Female chinchillas will show signs of being in heat and ready to mate such as a more irritable or even aggressive behavior, although other females might become more submissive in this period, urine spray and a fur slip is quite common to appear during this period.
The chinchillas you buy from a pet store or adopt from a breeder are usually at least 4 months old, but can be a year old as well. The size of the chinchilla will indicate its age because chinchillas that are 4 months old are still very young and will continue to grow while in your care.
Chinchillas are capable of having a litter of babies anywhere from 1 to 6 kits, although the most births are usually with 1 or 2 kits. The size of the babies will depend on the number of kits within a litter, a big litter will have smaller babies vice versa.
When they are born, baby chinchillas weigh anywhere from 1-2 ounces and they are just a little bigger than a golf ball. Each day they gain weight and grow rapidly.
By the age of 8 weeks, a chinchilla will weigh around 7-8 ounces and will be about a third of its adulthood size.
Adult chinchillas weigh between 1.1-1.8 lbs and grow to the size of around 9-15 inches without counting the tail, which adds another 4-6 inches. Female chinchillas tend to be larger than males, although this can vary due to genetics and breeding.
Chinchillas can age at different rates so it might be possible for a younger chinnie to show signs of “old age” which is completely normal and depends on the character of the pet. As a chinchilla gets older, it will become less active and quieter.
The playtime could be interrupted with multiple breaks as they get tired more quickly, even though they will start off their playtime with as much spunk as a younger chinchilla would. The playtime could also become visibly shorter as your pet will enjoy its private rest time more.
An old chinchilla might change its habits to suite its new needs like avoiding the top shelves and its favorite hammock and hanging out more often in its comfortable hide box on the ground level of the cage where he would not be required to move a lot or jump.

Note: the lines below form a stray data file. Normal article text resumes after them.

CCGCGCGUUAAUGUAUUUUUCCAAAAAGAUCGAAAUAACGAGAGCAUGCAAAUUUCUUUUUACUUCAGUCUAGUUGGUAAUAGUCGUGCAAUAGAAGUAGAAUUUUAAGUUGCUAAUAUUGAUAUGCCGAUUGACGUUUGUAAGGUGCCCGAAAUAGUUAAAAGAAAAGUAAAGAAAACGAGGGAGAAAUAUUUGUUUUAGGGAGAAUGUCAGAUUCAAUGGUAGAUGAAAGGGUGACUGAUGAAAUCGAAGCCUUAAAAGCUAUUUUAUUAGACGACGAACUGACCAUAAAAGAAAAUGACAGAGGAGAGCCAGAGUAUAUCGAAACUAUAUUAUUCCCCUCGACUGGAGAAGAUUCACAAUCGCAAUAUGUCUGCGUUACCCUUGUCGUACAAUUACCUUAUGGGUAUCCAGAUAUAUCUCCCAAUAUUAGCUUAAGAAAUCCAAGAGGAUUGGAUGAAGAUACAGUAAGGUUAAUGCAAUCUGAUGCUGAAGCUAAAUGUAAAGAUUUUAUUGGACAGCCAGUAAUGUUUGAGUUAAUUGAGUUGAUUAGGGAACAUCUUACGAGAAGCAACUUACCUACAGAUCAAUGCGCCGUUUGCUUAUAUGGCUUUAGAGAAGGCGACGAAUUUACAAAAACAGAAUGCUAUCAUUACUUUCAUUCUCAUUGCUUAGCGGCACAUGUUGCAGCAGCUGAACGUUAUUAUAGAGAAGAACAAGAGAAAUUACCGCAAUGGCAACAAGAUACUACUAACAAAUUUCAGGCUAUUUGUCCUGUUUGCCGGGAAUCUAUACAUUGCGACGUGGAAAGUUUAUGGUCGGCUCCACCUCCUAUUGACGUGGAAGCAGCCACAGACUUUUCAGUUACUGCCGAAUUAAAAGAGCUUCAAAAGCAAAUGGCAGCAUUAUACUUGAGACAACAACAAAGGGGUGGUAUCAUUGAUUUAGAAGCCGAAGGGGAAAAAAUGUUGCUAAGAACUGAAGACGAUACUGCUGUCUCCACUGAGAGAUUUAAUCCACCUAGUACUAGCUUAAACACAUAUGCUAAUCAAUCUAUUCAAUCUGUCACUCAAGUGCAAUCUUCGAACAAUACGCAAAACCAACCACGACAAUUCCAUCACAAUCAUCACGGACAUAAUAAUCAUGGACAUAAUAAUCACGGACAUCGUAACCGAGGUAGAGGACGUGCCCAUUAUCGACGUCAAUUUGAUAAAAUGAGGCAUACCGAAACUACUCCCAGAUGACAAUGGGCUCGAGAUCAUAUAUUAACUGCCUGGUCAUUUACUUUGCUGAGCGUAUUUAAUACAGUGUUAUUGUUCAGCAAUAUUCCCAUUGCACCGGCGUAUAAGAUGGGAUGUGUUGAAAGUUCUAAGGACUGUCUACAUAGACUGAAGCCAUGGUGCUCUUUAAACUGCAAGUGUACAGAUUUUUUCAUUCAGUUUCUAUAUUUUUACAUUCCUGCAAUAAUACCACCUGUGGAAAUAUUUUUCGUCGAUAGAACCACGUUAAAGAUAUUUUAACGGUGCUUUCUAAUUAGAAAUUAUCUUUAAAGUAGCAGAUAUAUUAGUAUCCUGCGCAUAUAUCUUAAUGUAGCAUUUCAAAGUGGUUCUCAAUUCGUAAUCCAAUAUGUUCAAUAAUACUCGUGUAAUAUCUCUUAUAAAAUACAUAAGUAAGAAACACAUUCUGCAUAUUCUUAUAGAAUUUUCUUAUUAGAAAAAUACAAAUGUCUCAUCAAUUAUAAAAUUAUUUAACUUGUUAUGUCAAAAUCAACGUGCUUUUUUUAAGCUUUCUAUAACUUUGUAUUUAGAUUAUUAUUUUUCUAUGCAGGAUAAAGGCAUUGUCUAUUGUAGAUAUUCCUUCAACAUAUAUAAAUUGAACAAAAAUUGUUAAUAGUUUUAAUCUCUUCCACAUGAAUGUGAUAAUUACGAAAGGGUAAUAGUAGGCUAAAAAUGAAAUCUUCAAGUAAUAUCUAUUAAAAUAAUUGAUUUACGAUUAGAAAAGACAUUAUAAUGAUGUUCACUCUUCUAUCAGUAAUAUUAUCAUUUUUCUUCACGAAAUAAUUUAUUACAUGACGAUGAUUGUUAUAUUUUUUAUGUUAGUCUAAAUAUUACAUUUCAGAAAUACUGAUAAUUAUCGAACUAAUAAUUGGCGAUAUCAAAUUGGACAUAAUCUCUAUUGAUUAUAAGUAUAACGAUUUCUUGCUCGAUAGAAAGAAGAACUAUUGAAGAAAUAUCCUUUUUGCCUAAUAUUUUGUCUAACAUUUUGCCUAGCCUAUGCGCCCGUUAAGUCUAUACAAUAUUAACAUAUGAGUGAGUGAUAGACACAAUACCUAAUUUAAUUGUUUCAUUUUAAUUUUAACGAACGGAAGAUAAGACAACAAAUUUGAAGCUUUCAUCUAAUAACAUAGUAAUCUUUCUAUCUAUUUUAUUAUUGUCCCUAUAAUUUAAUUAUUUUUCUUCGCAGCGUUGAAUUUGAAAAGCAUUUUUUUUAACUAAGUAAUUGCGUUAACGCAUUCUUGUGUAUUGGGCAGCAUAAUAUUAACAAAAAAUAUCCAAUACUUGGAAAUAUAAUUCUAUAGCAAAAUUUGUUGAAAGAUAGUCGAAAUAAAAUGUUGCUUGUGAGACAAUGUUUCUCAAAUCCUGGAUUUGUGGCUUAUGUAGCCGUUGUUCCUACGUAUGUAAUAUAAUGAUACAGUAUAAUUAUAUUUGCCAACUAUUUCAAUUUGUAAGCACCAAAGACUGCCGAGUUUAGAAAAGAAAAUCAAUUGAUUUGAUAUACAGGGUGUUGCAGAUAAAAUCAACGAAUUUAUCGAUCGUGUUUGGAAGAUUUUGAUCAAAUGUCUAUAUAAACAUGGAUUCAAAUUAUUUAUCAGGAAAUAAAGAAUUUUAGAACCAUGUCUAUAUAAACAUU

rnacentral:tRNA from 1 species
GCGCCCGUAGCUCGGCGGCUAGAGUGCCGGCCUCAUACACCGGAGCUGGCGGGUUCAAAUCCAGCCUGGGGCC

Older chinchillas will shed and can appear more frail. At this point, it is very important to provide proper nutrition to an aging chinchilla as it will lose weight due to a loss of appetite and possible dental issues.
As with old age, there might be an onset of age-related illnesses such as cataracts, dental problems, arthritis and weakened immune system.
As chinchillas get older, they tend to chew less, which can result in dental issues and overgrown teeth, this is why you should encourage chewing with fresh hay and new chew toys. With an irregular chewing and eating pattern the chinchilla’s immune system might be compromised and as such the chinchilla would be susceptible to bacterial or fungal infections.
At this stage, you should provide the highest quality pellet and hay, which would be packed with all necessary nutrients to help your pet stay healthy.
Arthritis is a common age-related illness in chinchillas so they should be handled with care in order to avoid the possibility of your pet falling and hurting itself. Arthritis can be treated in chinchillas and your veterinarian will provide proper medication for this ailment, which will minimize the pain and maximize the movements of the joints.
Unlike arthritis, cataracts are unfortunately not treatable, but they thankfully cause no harm or discomfort to your pet and it can still live a comfortable old-age life.
It is hard to accurately age a chinchilla without knowing any background information or date of birth. Even though we have multiple signs to look for in old chinchillas, they are not the proven norm and there are many chinchillas who will not show signs of aging right up until they pass away.
These chinchillas act like younglings their entire lives and live up to be 15 years old or more.
No matter how old your chinchilla is it will always depend on your love and care, and it will always enjoy your company. Every chinchilla should get the optimal conditions to reach very old age and we certainly wish all of them do and hope that you and your chinchilla enjoy each other’s company along the way.